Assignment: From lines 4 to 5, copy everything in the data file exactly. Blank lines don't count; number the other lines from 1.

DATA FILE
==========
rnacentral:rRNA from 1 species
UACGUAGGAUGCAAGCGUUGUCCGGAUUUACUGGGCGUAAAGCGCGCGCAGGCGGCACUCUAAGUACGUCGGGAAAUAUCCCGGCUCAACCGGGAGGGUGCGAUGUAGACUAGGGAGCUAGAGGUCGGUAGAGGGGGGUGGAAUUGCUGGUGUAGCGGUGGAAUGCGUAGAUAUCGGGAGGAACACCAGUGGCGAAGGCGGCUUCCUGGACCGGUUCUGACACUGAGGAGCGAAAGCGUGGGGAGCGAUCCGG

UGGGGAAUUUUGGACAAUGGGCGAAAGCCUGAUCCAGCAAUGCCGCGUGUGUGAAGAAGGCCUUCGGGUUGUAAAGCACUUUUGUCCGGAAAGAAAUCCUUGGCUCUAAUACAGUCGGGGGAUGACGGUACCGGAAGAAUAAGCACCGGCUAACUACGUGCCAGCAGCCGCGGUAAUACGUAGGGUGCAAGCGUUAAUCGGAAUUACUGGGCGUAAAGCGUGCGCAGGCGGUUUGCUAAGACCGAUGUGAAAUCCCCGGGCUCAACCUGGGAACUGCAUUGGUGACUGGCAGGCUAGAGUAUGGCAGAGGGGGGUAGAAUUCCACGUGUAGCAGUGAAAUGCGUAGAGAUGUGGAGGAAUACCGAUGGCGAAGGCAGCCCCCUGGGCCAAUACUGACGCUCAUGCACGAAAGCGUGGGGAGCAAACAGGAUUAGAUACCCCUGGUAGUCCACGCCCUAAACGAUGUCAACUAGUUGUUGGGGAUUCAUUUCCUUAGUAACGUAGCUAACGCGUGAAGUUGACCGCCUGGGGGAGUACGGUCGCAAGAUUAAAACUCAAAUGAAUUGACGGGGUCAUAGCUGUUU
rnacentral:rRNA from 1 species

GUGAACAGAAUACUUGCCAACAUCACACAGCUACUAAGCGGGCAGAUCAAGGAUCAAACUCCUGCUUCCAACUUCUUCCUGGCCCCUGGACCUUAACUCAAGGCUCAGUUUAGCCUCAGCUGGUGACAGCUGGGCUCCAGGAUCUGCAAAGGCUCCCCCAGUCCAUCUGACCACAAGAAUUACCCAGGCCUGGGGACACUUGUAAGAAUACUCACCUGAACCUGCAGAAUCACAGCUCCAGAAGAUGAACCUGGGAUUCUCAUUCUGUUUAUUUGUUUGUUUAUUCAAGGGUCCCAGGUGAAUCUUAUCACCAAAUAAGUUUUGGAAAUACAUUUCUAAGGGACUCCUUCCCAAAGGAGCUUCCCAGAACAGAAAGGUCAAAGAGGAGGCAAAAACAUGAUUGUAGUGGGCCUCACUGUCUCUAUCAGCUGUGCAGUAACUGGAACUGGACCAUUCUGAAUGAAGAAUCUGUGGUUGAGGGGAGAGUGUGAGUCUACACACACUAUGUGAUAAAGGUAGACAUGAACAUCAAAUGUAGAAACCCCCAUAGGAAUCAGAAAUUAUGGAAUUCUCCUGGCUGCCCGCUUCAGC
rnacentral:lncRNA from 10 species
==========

rnacentral:rRNA from 1 species

GUGAACAGAAUACUUGCCAACAUCACACAGCUACUAAGCGGGCAGAUCAAGGAUCAAACUCCUGCUUCCAACUUCUUCCUGGCCCCUGGACCUUAACUCAAGGCUCAGUUUAGCCUCAGCUGGUGACAGCUGGGCUCCAGGAUCUGCAAAGGCUCCCCCAGUCCAUCUGACCACAAGAAUUACCCAGGCCUGGGGACACUUGUAAGAAUACUCACCUGAACCUGCAGAAUCACAGCUCCAGAAGAUGAACCUGGGAUUCUCAUUCUGUUUAUUUGUUUGUUUAUUCAAGGGUCCCAGGUGAAUCUUAUCACCAAAUAAGUUUUGGAAAUACAUUUCUAAGGGACUCCUUCCCAAAGGAGCUUCCCAGAACAGAAAGGUCAAAGAGGAGGCAAAAACAUGAUUGUAGUGGGCCUCACUGUCUCUAUCAGCUGUGCAGUAACUGGAACUGGACCAUUCUGAAUGAAGAAUCUGUGGUUGAGGGGAGAGUGUGAGUCUACACACACUAUGUGAUAAAGGUAGACAUGAACAUCAAAUGUAGAAACCCCCAUAGGAAUCAGAAAUUAUGGAAUUCUCCUGGCUGCCCGCUUCAGC